You are here

Fall 2007 education law column

Research articles : 
Ask a school lawyer…. about a recent Supreme Court of Canada decision regarding board of education meetings
Q:        Has the Supreme Court of Canada considered any issues recently that may affect boards of education in BC?
A:        There are two recent decisions that boards of education may find interesting to review and consider. The first ruling discusses when and whether in camera meetings (meetings which are closed to the public) should be held in the context of a municipal council meeting. The second Court ruling was in relation to Alberta legislation which disqualifies any public school or private school teacher employed by a school board in the Province from holding office as a Trustee in the Province. This issue of the Leader will consider the closed meeting decision. The next issue will review the trustee disqualification decision.
The Closed Meeting Decision
In Ontario there is legislation which specifies that all municipal meeting shall be open to the public with the exception of certain specified subjects which are expressly outlined in the Ontario Municipal Act. This legislation was developed in response to what was perceived by different Ontario commissions as a “problem” with the over-use of closed meetings by municipal councils.
In response to this situation, and as noted in one report: “In the hope of…fostering democratic values, and responding to the public’s demand for more accountable municipal government, these reports recommend compulsory open meetings of municipal councils and committees, subject to narrow exceptions.” In following these recommendations and enacting clearly defined open meeting requirements the Ontario government signalled that its intent was to “increase public confidence in the integrity of local government, by ensuring the open and transparent exercise of municipal power.”
In BC, there is also a requirement in the School Act for boards of education to hold open meetings, except where it would not be in the public interest to do so. Exceptions are not specified by the legislation and instead this decision is left to boards of education to determine, generally as a matter of policy. Typically such things as personnel matters, legal issues, collective agreement negotiations, etc. are the kinds of issues considered by boards of education in closed meetings from which the public is excluded.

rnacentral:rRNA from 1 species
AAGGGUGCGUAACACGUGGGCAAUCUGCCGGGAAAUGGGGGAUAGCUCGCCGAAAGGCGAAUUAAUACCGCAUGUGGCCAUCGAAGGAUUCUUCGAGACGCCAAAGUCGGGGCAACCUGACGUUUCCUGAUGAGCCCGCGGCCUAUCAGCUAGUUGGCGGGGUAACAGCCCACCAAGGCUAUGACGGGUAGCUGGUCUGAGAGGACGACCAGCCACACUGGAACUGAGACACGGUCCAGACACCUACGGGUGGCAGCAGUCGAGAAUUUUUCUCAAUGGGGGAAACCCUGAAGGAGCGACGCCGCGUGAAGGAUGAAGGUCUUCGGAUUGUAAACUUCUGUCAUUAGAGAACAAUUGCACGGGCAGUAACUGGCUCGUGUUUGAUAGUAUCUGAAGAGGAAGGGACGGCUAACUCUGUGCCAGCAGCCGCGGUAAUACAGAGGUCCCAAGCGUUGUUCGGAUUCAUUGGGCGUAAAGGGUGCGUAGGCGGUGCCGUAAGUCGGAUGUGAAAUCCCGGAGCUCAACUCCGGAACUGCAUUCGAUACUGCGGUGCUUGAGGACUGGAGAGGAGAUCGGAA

In the Ontario case, a municipal council considered a proposed bylaw at a closed meeting which concerned a controversial development freeze in a particular area of the city. Immediately after considering the proposed bylaw, the council moved into public session and during an eight minute period introduced, gave three readings, and passed the bylaw, together with 31 other bylaws, without public debate or discussion.
The bylaw was challenged for violating the open meeting statutory requirements and ultimately the case was heard by the Supreme Court of Canada. At the end of June this year, the Court struck down the bylaw on the basis that the process used by the council violated the open meetings provisions of the Ontario municipal legislation.
In criticizing the conduct of the municipal council in excluding the public from its initial deliberations, the Court noted that the “City’s conduct in closing the…meetings in question was neither inadvertent nor trivial.” In fact, according to the Court, the “council meeting…was conducted in a manner that is rather reminiscent of the problems reported more than 20 years ago that led to the passing of the statutory open meeting requirement.” The Court noted that an eight minute public meeting in which 32 bylaws were considered and passed without debate or discussion was hardly consistent with the letter or spirit of the open meeting legislation.  
Implications for Boards of Education?
Although this case concerns a municipal council, it suggests an important lesson for boards of education regarding the importance of ensuring members of the public are only excluded from board meetings in appropriate circumstances. For more details on the case you can access the Supreme Court’s decision in the Corporation of London v. RJS Holdings Inc. at . Just follow the links to “Cases.”
Terri A. Cohen (B.A., LL.B., Ph.D., Barrister & Solicitor) is a lawyer with Harris & Company, Barristers & Solicitors, Vancouver, BC. This column contains general information on legal topics related to education. If you have specific legal problems, you should consult a lawyer. BCSTA provides free legal consultation to its member school boards.